Aphids are small, soft-bodied, pear-shaped insects that have long antennae and a characteristic pair of cornicles (short tubes extending on either side of abdomen). Their translucent bodies are most commonly green, brown, yellow or white.
Over-wintered eggs hatch into females during the spring that give birth to live young, again all female (up to 10 or more per day). In the fall, males are produced and the fertilized females produce eggs for over-wintering outdoors. Shiny black eggs are tucked into the crevices of bud scales and bark. Winged adults are produced only when it is necessary for the colony to migrate.
– Repair screens and weather-stripping around doors and windows to keep out winged adults.
– Inspect new houseplants before bringing them into your home. If necessary, isolate and treat them.
– Nourish houseplants with slow-release fertilizers containing moderate amounts of nitrogen to prevent aphids from thriving.
– Monitor house and garden plants frequently during the growing season.
– Prune and destroy infested leaves or plant sections. This will help prevent the spread of plant disease and the development of new colonies.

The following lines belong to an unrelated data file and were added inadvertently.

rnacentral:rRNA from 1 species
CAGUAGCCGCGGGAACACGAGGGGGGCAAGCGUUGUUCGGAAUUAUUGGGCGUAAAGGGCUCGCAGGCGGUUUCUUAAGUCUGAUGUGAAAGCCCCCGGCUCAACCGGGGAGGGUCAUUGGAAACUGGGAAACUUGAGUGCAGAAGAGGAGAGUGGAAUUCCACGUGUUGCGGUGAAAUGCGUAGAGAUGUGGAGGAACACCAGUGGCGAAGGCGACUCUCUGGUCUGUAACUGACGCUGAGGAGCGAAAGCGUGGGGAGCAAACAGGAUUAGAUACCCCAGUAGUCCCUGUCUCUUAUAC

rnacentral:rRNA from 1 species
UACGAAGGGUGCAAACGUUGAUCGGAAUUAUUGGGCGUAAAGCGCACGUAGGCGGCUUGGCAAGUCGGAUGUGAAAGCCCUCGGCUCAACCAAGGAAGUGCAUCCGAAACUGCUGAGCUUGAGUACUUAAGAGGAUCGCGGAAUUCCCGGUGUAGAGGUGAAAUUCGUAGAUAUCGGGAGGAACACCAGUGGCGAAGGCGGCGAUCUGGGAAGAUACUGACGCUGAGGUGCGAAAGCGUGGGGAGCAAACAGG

– Spray dormant oil on fruit trees in the spring (while trees are still dormant) to kill overwintering aphid eggs.
– Spray the underside of plants with strong jets of water to reduce aphid populations; repeat weekly. This may be enough to control infestations in the home garden.
– Soap sprays may also be effective. Use commercial insecticidal soaps or make your own by mixing 10-25 ml on non-detergent soap in 4 litres of water. (Soaps may burn foliage so try a small area and wait two days to see how well the plant tolerates the soap. Do not use more than three times in a row.
– Infestations may be treated with insecticide products with active ingredients such as allethrin, pyrethrin, malathion, dimethoate and many others.
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